proxy.php?image=http%3A%2F%2Fwww.weeride.com%2Fimages%2Fgalleries%2Fkanga2%2Fkanga_1.jpg&hash=7d87becda5cf715e8cf5a391ac58f3ce

The neat thing about this child carrier is that you can put it on a regular bike, and you don't kick you kid when you get on the bike, and when the child outgrows this carrier, you still have a regular bike.

I agree that a Cross bike may very well be best suited to your needs, there are LOTS of them out there, the Cannondale Bad Boy that Tim suggested is a decent bike for sure, and they should have your size too.

Let me know about the kids bike, I'll ask my buddy about the ones he wants to get rid of. I'm in Shinjuku.

Cheers!
 

ser

Cruising
Apr 17, 2012
9
0
11
Sumida-ku/Edogawa-ku, Tokyo
#12
Hi Jack


For general utility, the mama chari-ots are really good for hauling kids and cargo. If you have the kid on the back, you won't accidentally kick the child in the head when you straddle the bicycle. Very tame handling...

The Angelino series from Bridgestone have some very good features for kid and cargo hauling.

...

In my opinion, I would get a mama chari from the local bike store. It doesn't matter what others think, as long as you and the kids are enjoying the ride. My kids and I would go for long wandering rides when they were little. My older one is too old to ride with me and range is now limited. I kind of miss the long bicycle rides with them.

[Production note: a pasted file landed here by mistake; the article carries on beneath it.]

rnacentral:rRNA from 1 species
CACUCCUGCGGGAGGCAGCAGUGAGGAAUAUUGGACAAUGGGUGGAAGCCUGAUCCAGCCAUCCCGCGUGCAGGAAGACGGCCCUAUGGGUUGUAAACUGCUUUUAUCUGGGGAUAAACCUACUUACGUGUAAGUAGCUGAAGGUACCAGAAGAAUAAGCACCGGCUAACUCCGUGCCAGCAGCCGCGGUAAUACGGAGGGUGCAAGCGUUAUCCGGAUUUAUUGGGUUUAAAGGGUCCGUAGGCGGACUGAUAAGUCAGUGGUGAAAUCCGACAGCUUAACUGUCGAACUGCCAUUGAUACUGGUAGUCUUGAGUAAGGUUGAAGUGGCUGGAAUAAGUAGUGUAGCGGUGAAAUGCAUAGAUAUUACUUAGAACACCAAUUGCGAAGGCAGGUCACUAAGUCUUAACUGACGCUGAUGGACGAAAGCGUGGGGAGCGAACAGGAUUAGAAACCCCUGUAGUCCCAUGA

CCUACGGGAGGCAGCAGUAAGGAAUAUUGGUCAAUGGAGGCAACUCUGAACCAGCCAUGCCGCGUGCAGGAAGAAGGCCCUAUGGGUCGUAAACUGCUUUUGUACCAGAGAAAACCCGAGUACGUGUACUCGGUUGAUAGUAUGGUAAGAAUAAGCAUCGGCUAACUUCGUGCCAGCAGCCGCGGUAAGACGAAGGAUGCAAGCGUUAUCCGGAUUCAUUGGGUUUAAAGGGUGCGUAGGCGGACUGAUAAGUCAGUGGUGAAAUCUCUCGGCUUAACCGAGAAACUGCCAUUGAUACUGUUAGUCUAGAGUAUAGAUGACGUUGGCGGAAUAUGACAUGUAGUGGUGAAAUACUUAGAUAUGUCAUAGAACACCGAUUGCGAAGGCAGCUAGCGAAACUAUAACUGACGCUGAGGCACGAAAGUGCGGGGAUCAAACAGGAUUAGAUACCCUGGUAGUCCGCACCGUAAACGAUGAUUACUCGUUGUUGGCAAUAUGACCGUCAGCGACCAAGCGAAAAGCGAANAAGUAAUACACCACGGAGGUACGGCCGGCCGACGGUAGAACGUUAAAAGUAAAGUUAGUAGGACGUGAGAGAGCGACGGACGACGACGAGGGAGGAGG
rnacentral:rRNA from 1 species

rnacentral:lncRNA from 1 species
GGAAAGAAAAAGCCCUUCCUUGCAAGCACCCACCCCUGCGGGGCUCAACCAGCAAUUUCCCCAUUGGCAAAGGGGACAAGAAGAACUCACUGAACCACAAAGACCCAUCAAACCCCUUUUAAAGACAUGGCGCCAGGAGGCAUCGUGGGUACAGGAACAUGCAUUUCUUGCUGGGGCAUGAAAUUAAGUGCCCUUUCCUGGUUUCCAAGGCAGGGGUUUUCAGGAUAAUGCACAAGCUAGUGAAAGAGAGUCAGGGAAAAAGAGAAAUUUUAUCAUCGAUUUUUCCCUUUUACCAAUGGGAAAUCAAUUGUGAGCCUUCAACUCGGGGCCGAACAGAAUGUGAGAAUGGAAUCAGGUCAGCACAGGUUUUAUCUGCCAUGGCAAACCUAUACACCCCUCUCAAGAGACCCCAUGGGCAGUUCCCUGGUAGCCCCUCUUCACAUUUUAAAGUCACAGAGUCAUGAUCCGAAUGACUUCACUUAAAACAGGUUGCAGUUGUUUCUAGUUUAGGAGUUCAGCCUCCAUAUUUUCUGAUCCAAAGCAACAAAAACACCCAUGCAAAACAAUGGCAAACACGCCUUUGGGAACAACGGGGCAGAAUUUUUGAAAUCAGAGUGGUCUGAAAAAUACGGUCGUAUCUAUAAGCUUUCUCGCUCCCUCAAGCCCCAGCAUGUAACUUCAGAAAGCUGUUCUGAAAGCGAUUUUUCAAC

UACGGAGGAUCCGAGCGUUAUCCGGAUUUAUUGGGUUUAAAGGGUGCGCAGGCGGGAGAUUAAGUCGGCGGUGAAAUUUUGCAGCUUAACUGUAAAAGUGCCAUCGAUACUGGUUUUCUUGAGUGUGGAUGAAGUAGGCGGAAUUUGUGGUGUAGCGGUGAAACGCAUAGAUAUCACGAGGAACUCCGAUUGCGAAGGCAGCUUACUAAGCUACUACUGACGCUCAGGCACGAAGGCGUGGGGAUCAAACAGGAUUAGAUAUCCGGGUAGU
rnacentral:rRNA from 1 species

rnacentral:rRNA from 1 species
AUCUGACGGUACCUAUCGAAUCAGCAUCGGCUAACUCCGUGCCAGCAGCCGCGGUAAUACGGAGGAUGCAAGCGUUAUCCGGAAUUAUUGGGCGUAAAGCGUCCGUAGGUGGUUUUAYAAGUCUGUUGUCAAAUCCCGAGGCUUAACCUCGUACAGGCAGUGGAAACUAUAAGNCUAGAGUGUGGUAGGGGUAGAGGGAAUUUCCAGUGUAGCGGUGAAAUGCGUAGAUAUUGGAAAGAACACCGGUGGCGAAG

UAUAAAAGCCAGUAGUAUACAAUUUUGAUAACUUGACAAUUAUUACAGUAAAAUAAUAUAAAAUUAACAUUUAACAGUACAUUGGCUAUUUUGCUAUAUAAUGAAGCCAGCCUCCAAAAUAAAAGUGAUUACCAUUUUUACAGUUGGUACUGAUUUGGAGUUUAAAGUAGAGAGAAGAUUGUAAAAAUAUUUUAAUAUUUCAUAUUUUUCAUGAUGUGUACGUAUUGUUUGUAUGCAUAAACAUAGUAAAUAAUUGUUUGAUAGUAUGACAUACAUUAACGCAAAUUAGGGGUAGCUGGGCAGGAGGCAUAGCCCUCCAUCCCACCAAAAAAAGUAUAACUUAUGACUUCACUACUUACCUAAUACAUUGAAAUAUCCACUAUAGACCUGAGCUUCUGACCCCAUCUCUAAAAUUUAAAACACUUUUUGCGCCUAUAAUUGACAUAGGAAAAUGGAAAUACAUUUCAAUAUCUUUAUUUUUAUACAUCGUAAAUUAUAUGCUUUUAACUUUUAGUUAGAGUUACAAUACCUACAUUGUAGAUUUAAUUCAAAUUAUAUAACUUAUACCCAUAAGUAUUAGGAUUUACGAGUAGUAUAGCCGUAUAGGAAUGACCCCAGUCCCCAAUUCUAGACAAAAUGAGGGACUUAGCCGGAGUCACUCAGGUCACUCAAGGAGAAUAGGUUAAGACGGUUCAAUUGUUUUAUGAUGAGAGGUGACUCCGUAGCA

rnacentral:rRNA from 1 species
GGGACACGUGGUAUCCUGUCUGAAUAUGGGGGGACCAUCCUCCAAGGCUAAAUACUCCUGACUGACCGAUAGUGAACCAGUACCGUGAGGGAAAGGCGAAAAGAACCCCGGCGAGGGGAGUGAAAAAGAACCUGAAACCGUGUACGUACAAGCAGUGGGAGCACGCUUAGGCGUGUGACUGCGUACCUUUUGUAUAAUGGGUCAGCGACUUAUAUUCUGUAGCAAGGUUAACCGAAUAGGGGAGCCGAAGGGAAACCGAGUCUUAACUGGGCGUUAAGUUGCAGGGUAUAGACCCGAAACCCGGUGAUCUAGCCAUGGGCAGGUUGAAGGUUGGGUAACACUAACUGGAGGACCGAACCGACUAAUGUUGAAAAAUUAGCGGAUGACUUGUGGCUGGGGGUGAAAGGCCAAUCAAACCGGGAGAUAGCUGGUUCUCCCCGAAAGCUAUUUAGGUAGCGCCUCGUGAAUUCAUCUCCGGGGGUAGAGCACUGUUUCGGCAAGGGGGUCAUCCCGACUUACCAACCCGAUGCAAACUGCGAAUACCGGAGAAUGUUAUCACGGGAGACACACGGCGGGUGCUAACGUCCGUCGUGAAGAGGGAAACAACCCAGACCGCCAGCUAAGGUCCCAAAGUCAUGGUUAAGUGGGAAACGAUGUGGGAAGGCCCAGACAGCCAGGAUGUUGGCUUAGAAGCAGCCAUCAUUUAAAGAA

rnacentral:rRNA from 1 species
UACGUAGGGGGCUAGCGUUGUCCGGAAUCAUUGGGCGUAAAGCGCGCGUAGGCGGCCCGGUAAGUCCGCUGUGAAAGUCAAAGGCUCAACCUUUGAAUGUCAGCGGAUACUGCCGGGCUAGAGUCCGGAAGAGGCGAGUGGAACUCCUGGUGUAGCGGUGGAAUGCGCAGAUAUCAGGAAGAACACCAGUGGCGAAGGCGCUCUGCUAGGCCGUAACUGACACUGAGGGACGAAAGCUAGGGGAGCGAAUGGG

Thank you for input. For mama-chari, for sure I will buy one for my wife (we were just looking on this Bridgestone Angelino series), but I'm thinking that mama-chari is not strong/big enough for my size&weight (I don't suppose that it is made to survive meeting with someone that is >100kg). I also think the same as joewein wrote that is too low (not that is not possible but it is not very convenient - on the other side lower is safer...)
So I think I will choose something more solid (and expensive - my wife don't like this part :) ).


If you do get a cross bicycle, Topeak makes a versatile child carrier system.. You can easily remove the child seat when not in use. Once the child has outgrown the seat, it can be replaced with the bags that topeak makes. The downside with cross bicycles is the lack of a strong stand and mounting and dismounting from the bicycle is bit of gymnastics. It's made more difficult when the kid is in the seat.